Have you tried printing in your classroom? I've done several variations of this lesson, and it's always a challenge, but we usually have nice results. I've always used a scratch foam sheet designed for kids. It has a soft surface, almost like that of a foam meat tray. A pencil, end of a paint brush, or stick can be used to "cut" your design. The problem I usually see is getting the students to hurry and make the print before the paint dries up on the foam. Also, there's the problem of the paint getting into the "grooves" resulting in poor image quality.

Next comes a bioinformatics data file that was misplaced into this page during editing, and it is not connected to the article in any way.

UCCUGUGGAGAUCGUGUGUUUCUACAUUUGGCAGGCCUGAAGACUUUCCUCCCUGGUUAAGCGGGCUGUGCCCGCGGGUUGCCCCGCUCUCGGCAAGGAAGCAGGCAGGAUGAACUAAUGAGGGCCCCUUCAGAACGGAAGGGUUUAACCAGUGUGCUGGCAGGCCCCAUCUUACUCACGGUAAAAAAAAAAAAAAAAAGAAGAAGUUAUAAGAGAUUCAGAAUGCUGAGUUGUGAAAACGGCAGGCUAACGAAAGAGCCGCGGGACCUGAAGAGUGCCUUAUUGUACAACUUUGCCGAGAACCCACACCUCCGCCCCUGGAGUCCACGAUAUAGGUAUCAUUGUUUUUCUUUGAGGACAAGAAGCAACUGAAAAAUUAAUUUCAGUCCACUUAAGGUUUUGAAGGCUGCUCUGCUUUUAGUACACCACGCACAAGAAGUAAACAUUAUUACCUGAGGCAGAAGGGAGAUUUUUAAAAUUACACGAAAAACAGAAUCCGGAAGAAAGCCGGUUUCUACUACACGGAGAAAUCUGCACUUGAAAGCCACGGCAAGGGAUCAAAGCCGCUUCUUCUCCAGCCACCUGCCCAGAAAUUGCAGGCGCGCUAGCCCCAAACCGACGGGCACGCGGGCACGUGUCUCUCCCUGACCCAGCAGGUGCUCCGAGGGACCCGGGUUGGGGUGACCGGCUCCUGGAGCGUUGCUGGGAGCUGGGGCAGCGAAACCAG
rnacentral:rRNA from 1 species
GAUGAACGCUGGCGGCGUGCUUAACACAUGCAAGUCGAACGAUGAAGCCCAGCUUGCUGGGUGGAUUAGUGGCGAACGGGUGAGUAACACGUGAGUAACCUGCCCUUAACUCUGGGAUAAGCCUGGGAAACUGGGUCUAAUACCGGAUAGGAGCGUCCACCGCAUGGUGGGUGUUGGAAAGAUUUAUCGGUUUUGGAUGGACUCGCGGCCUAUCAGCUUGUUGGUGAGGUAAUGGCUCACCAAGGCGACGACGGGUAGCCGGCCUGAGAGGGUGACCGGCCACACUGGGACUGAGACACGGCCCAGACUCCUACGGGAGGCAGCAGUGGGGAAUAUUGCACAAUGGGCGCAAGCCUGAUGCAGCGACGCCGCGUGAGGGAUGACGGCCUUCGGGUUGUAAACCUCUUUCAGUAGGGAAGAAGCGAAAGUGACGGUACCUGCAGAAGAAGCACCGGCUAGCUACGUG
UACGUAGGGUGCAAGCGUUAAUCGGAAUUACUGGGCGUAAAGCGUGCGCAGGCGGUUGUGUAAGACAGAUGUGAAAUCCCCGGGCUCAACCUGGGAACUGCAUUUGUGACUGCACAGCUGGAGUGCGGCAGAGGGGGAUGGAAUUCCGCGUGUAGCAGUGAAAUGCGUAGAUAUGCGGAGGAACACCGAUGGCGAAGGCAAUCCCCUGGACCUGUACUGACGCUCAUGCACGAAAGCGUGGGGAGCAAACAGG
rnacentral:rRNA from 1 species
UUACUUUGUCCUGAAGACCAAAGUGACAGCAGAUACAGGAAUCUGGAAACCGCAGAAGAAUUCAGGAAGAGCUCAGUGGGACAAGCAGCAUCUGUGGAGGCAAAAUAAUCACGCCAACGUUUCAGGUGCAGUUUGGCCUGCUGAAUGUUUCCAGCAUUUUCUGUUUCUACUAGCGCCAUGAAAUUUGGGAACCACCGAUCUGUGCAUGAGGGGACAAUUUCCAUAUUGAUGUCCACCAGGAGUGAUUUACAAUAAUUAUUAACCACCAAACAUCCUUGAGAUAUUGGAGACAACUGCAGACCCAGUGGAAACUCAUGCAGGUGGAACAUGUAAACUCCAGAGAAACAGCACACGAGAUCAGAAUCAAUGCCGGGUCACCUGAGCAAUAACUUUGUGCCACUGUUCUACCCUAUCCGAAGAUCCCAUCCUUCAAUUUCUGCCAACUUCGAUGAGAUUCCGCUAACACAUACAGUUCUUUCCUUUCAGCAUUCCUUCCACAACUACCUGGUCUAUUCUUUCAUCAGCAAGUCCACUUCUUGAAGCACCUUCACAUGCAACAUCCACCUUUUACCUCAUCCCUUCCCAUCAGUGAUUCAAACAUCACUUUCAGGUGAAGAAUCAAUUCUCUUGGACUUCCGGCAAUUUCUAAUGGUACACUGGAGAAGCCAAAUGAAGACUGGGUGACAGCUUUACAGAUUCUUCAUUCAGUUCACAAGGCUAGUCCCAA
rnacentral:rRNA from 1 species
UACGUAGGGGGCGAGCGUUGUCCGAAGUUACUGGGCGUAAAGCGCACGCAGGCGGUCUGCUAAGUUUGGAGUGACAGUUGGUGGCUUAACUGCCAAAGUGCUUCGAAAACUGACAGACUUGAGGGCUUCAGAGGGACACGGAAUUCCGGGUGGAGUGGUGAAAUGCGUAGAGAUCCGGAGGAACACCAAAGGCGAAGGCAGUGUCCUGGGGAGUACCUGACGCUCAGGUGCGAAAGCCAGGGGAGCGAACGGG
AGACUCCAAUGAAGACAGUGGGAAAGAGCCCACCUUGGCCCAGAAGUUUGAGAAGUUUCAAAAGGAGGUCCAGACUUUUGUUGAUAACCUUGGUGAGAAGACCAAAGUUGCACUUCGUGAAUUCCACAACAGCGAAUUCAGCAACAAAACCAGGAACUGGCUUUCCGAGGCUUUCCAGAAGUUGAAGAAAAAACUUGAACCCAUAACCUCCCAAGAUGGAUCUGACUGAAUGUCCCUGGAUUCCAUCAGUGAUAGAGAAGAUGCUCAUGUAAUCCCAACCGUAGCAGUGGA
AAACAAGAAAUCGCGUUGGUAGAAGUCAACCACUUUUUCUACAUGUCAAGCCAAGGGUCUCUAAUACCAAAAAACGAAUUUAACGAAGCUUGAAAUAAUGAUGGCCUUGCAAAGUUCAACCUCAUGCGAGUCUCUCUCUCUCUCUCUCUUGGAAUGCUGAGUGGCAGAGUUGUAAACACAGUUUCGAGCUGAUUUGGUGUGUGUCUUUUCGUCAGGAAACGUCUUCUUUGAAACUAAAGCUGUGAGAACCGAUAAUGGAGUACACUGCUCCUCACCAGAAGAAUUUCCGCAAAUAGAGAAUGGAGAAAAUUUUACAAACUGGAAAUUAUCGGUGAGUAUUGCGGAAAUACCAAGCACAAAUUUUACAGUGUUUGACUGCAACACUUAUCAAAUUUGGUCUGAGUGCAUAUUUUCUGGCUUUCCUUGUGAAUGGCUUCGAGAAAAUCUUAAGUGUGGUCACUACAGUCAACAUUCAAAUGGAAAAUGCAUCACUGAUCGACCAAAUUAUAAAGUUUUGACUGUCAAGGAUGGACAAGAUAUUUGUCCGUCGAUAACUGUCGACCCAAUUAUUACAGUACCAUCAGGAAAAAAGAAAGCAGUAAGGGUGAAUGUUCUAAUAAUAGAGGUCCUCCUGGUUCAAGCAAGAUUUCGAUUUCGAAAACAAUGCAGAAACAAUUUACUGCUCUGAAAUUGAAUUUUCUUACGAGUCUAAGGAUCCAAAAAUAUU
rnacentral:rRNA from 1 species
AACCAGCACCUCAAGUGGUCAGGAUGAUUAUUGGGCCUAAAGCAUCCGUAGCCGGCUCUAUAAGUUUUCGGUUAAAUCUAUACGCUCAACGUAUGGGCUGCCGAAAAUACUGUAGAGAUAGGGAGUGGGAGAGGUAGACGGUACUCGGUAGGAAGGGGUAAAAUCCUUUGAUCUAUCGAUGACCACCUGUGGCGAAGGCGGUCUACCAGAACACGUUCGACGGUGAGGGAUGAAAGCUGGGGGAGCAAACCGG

In this lesson, students created a mono-print self portrait, using Andy Warhol for inspiration. I introduced the color wheel; focusing on primary, secondary and complementary colors. Students drew their portraits on newsprint in pencil. I instructed students to place their drawing over the foam and secure with tape. Next, students traced their drawing, removed the paper and "deepened" their impression with a dull pencil or stick. A brayer was used to apply regular acrylic paint to the foam. Students then pressed the foam face down onto a thick quality paper, and then we mounted the printed squared onto sheet of paper. We also tried some prints on colored railroad board. This took one class period, and the foam can be reused several times-just clean off with a baby wipe. The prints above were created by a third grader and fourth grader.